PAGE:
The healthcare industry is replete with opportunities for innovation, of which I believe the digital behavioral and mental healthcare space is one of the most promising. In Brazil, mental healthcare services have notoriously low adoption rates for a range of historical and cultural reasons:

  1. Mental healthcare is currently centralized in psychiatric institutions, and coverage of community-based mental health services is still very low. Services are unequally distributed across the country’s many regions (although some reforms addressing this issue have been carried since 1990). At present, the number of psychiatrists per capita stands at roughly 5 per 100,000 inhabitants in the Southeast region; the situation in the Northeast region is even more dire, with less than 1 psychiatrist per 100,000 inhabitants.
  2. There is not yet a high degree of integration between primary care and mental health teams working at the Psychosocial Community Centers (CAPS) level. Doctors handle the majority of patient concerns, foreclosing the possibility of allowing a psychologist or psychiatrist to make informed healthcare decisions with patients.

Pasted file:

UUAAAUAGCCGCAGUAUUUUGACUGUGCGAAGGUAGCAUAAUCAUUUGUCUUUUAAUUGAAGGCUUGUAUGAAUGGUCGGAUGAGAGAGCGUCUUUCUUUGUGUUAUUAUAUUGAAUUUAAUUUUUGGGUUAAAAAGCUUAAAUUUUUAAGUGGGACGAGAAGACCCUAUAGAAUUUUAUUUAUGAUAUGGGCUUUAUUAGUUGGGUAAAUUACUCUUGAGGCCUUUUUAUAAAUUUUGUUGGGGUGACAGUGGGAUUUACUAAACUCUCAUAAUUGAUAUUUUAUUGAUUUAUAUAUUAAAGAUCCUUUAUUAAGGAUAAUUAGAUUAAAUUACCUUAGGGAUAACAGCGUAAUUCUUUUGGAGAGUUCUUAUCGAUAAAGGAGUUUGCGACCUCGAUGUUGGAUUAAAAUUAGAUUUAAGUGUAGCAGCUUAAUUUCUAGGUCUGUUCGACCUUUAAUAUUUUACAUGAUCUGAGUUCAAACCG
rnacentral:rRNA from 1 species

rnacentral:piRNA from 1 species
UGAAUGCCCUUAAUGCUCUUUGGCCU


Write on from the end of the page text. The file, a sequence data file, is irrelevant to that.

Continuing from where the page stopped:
3. Anxiety disorders and depression are highly stigmatized. People suffering from anxiety and depression often face cultural stigma around these conditions; in Brazilian culture, mental health issues are often considered shameful to discuss openly, and are therefore underplayed and under-recognized.
  4. A fast-paced, demanding work culture takes a toll on workers’ mental health — and poses its own barriers to accessing care. In high-stress/high-intensity environments, such as workplaces, employers do not recognize the need to take time off to prioritize mental health. The impact of mental health on productivity and performance is not yet fully quantifiable, making employers reticent to adopt broader systemic changes in this area.
  5. Mental healthcare is prohibitively expensive. Who can afford access to mental health services? Traditional mental health therapy solutions are cost-prohibitive for most Brazilians, currently available only to the highest-earning 20% of Brazilian society. Only ~25% of the population has health insurance, and even then, it’s very difficult to get an access. This results in mental healthcare only being accessible to a few at the top of the country’s income scale: in practice, only about 1m — 2m people (or roughly 0.5%-1% of the population) have ever done any kind of psychotherapy.